A third and final LNG shipment for the month is scheduled to arrive May 31 on the British Saphire tanker, owned by BP. This vessel will bring in 121,123 cubic meters of LNG for DEPA and Elpedison, the bigger of the two buyers with a 64,993 cubic-meter order.

A total of five big LNG shipments are expected in June for orders placed by Mytilineos, Elpedison and DEPA.

Continual flow of LNG imports reshaping gas market

LNG is continuing to enter the Greek market through gas grid operator DESFA’s Revythoussa terminal just off Athens at a continual and elevated flow that is reshaping the overall gas market.

The Mytilineos group was the market leader in the first quarter, capturing a market share of more than 40 percent of gas imported into Greece either via the Revythoussa LNG terminal or pipeline infrastructure.

Gas utility DEPA, a more subdued LNG player in the first quarter as a result of take-or-pay costs linked to the company’s pipeline gas orders with Russia’s Gazprom and Turkey’s Botas, registered a first-quarter market share of approximately 30 percent.

Elpedison, propelled by the increased use of its gas-fueled power stations, captured a higher share of 15 percent.

The Greek gas market’s remaining 15 percent was shared by Prometheus Gas, power utility PPC and Heron.

PPC’s gas market share is expected to increase over the coming months as it has placed LNG orders via the Revythoussa terminal.

 

Rising LNG imports reshaping gas market, led by Mytilineos

The drastic reduction of LNG price levels in recent times has not only boosted the amount of LNG imports into Greece but also reshaped market shares held by domestic gas traders.

Last year, natural gas consumption rose to a new record level of more than 60 TWh, up from 52.4 TWh in 2018 and 53.7 TWh in 2017.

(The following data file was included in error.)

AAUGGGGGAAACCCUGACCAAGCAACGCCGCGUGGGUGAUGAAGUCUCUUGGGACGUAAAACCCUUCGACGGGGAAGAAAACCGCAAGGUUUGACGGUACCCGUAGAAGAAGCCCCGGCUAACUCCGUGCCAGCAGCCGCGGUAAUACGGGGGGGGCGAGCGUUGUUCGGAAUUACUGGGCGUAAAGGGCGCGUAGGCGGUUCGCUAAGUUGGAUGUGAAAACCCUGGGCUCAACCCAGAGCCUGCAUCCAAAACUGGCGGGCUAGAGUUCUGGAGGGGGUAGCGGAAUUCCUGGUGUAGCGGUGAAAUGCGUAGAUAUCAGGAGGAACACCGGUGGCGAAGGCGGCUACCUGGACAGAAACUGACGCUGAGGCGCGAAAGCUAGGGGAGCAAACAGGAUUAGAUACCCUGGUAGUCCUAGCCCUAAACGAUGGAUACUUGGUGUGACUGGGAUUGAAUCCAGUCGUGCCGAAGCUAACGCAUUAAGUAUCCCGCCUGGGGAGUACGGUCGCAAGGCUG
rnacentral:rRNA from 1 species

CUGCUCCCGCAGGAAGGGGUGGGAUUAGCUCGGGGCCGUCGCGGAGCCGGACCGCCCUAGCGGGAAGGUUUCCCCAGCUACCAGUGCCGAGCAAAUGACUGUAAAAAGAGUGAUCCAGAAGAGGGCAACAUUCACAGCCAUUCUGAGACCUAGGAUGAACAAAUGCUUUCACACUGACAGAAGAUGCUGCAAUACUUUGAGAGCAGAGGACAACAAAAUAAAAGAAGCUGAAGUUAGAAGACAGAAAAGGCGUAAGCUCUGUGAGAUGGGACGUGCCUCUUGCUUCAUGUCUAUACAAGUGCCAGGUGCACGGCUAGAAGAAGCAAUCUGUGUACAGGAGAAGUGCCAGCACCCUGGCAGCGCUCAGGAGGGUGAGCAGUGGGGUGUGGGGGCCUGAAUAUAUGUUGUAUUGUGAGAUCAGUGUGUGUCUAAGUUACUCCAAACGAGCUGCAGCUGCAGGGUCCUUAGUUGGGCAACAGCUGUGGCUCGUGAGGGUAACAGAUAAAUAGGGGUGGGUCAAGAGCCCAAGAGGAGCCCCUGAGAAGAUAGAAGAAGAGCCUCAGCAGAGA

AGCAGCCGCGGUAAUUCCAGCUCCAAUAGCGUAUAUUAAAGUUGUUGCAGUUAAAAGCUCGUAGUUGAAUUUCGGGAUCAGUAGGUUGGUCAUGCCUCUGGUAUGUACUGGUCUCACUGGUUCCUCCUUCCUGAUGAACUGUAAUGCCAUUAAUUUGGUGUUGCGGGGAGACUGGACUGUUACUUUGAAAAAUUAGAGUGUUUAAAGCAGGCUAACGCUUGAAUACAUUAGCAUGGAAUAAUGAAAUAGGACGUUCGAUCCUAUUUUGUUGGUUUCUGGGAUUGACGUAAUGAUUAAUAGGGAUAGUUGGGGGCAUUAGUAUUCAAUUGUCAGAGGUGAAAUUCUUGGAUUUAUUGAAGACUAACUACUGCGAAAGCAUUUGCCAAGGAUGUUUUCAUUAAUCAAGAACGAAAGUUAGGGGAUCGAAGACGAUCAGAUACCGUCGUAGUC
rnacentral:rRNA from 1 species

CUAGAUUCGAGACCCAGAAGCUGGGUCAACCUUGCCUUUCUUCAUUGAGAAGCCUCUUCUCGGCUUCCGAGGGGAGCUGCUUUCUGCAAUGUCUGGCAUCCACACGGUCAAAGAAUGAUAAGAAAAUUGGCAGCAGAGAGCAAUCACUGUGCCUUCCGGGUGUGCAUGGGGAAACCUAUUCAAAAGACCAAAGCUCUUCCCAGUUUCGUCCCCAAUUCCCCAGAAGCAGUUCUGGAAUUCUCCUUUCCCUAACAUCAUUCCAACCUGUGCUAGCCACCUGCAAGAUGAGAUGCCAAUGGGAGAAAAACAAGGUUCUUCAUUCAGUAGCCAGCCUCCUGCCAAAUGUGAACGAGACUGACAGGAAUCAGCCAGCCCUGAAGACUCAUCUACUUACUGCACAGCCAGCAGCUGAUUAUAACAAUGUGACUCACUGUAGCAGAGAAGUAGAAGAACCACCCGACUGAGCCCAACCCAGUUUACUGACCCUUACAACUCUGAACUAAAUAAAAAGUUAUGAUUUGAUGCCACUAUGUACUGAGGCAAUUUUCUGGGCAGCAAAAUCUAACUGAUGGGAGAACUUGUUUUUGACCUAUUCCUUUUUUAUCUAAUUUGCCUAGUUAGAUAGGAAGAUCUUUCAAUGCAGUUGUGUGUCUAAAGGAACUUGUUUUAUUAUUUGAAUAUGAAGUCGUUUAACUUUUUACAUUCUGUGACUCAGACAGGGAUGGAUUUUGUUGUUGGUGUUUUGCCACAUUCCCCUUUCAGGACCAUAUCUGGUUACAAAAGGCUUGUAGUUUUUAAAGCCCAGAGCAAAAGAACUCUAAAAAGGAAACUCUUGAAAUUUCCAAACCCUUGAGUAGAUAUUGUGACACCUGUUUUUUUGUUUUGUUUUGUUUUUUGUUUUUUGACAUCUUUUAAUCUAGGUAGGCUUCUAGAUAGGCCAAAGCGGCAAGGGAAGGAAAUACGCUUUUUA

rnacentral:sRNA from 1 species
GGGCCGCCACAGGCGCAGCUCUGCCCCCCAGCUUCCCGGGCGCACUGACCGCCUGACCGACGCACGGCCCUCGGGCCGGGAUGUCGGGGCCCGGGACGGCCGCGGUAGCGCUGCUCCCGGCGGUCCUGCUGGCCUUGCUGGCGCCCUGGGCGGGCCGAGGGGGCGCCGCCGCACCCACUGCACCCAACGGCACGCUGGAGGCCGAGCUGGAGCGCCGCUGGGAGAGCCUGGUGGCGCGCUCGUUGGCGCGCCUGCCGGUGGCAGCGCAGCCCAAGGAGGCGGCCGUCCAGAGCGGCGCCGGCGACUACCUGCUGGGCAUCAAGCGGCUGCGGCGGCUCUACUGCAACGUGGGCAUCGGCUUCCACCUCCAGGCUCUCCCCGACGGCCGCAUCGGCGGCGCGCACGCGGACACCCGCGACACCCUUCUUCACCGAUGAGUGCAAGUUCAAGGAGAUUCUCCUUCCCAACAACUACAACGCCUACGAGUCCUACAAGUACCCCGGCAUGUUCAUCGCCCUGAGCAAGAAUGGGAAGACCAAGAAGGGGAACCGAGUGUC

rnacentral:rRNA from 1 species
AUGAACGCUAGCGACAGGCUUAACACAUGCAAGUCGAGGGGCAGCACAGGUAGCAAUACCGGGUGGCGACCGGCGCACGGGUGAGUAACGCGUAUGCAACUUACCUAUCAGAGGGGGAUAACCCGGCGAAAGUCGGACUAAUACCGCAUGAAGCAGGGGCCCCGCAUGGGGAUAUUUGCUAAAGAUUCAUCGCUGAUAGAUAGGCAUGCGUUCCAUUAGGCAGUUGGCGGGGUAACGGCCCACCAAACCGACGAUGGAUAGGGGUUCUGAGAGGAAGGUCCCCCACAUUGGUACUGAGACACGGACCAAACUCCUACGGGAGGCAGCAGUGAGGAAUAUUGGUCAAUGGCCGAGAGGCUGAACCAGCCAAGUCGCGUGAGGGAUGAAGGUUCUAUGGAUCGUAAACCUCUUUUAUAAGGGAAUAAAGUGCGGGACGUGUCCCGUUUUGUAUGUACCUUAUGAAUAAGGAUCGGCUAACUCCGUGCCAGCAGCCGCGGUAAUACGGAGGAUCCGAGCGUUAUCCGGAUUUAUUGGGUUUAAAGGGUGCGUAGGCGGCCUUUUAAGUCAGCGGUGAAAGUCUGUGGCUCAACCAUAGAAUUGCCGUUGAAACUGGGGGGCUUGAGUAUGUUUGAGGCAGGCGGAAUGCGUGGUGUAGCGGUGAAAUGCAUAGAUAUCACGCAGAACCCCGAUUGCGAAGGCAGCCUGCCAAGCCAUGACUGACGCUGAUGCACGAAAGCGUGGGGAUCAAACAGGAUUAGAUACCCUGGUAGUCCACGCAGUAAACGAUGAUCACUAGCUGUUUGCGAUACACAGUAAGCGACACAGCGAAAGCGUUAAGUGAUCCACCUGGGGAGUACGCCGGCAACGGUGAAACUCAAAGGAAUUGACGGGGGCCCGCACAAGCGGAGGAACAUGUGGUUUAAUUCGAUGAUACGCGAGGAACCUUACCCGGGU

LNG imports rose sharply to 30.92 TWh in 2019 from 11.59 TWh in 2018 and 15.54 TWh in 2017.

Overall gas consumption increased by approximately 15 percent last year while LNG import levels nearly tripled compared to two years earlier.

For the first time ever, LNG represented half of the country’s total gas consumption in 2019.

In 2019, a total of six traders imported LNG to the Revythoussa terminal, close to Athens, some of these for the first time.

Mytilineos made the most LNG shipments for a 50.2 percent share. Gas utility DEPA followed with a 26.1 percent. Elpedison was next with a 12.4 percent market share, trailed by power utility PPC (7.6%), Heron (2.4%) and Motor Oil (0.4%).

Market leader Mytilineos imported a total of ten LNG shipments to the Revythoussa terminal in 2019, some of these originating from the US, via Shell and BP, managing US shale gas exports.

A total of six LNG shipments to Greece in 2019 carried American shale gas. This trend is continuing this year. A 140,000 cubic-meter shipment of American LNG arrived at the Revythoussa terminal on January 25.

Mytilineos also chartered large-scale Q Flex tankers to Revythoussa in 2019, a development enabled by the completion of upgrade work at the LNG facility.

The Q Flex tankers, built in Qatar and offering a 201,000 cubic-meter capacity, were previously unable to approach the Greek terminal.